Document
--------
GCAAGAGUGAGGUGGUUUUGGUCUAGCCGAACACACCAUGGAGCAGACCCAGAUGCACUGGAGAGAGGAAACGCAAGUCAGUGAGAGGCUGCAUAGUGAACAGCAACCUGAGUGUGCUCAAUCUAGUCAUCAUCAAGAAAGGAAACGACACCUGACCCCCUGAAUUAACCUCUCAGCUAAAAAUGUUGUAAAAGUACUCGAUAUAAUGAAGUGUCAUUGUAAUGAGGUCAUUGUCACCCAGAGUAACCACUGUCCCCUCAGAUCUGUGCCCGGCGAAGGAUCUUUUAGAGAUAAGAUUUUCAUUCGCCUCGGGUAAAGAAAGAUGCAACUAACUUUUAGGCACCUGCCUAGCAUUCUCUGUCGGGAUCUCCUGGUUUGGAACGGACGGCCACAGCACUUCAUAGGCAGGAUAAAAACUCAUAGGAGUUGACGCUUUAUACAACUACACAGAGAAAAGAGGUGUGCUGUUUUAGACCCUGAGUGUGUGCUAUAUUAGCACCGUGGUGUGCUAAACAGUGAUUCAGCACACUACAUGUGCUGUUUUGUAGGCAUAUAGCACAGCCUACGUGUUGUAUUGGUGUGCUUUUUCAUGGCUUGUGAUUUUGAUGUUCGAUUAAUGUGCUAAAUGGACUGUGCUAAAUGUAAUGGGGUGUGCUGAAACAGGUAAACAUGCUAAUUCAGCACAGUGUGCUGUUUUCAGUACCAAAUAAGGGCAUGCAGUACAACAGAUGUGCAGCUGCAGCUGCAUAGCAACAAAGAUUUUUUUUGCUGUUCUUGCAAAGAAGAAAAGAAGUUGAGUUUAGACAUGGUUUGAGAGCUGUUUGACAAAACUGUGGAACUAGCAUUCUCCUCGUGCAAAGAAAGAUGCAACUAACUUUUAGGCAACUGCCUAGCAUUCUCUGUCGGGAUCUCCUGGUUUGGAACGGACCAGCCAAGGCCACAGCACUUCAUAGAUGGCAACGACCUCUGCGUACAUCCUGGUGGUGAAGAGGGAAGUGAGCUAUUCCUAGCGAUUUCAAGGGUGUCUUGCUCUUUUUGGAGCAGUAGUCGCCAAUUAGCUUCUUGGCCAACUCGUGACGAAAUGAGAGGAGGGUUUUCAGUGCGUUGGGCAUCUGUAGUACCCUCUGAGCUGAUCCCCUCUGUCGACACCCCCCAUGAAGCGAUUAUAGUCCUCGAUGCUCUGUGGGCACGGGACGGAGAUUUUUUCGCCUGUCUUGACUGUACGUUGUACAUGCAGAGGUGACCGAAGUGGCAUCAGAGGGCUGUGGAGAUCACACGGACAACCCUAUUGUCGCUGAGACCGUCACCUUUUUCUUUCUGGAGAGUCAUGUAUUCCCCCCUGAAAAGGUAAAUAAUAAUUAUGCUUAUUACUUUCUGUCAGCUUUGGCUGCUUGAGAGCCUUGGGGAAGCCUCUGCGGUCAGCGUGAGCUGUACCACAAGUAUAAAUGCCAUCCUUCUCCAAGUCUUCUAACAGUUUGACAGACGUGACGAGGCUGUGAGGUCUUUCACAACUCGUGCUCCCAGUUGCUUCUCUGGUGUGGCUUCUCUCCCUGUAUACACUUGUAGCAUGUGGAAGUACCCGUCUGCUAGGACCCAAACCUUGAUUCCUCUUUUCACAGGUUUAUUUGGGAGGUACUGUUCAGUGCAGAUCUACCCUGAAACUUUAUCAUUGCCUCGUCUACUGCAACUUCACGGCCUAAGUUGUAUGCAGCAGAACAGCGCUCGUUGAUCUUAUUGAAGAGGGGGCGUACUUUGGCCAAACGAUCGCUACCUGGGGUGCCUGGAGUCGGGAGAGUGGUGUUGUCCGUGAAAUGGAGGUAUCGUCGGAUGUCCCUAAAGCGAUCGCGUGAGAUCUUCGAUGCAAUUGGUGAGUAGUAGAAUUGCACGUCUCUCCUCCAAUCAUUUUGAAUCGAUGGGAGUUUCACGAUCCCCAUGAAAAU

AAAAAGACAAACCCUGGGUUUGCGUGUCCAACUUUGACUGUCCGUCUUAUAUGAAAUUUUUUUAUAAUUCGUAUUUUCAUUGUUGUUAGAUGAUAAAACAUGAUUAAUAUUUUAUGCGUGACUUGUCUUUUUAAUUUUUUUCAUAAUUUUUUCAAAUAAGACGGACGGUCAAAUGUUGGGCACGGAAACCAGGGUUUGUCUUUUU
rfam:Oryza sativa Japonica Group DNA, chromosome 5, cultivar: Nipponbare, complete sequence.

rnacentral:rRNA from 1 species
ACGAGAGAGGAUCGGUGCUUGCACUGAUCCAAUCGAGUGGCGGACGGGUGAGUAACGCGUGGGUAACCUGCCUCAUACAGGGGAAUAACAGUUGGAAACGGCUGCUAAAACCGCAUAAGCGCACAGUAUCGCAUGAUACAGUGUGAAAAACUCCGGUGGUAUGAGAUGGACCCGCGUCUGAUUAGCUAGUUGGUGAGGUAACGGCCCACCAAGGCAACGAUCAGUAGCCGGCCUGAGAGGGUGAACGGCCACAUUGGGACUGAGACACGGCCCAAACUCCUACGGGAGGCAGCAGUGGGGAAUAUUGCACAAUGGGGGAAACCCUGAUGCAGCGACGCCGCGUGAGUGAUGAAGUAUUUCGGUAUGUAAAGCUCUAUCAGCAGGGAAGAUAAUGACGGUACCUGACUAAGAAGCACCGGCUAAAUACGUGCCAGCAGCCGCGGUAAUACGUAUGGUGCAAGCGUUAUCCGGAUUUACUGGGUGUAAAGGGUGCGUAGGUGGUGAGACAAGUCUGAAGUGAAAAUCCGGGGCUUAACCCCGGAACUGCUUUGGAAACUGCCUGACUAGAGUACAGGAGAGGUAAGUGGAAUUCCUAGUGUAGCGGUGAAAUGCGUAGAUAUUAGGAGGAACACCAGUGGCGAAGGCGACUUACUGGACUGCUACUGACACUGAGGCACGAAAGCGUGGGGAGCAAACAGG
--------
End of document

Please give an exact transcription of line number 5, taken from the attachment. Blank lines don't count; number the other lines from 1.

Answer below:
ACGAGAGAGGAUCGGUGCUUGCACUGAUCCAAUCGAGUGGCGGACGGGUGAGUAACGCGUGGGUAACCUGCCUCAUACAGGGGAAUAACAGUUGGAAACGGCUGCUAAAACCGCAUAAGCGCACAGUAUCGCAUGAUACAGUGUGAAAAACUCCGGUGGUAUGAGAUGGACCCGCGUCUGAUUAGCUAGUUGGUGAGGUAACGGCCCACCAAGGCAACGAUCAGUAGCCGGCCUGAGAGGGUGAACGGCCACAUUGGGACUGAGACACGGCCCAAACUCCUACGGGAGGCAGCAGUGGGGAAUAUUGCACAAUGGGGGAAACCCUGAUGCAGCGACGCCGCGUGAGUGAUGAAGUAUUUCGGUAUGUAAAGCUCUAUCAGCAGGGAAGAUAAUGACGGUACCUGACUAAGAAGCACCGGCUAAAUACGUGCCAGCAGCCGCGGUAAUACGUAUGGUGCAAGCGUUAUCCGGAUUUACUGGGUGUAAAGGGUGCGUAGGUGGUGAGACAAGUCUGAAGUGAAAAUCCGGGGCUUAACCCCGGAACUGCUUUGGAAACUGCCUGACUAGAGUACAGGAGAGGUAAGUGGAAUUCCUAGUGUAGCGGUGAAAUGCGUAGAUAUUAGGAGGAACACCAGUGGCGAAGGCGACUUACUGGACUGCUACUGACACUGAGGCACGAAAGCGUGGGGAGCAAACAGG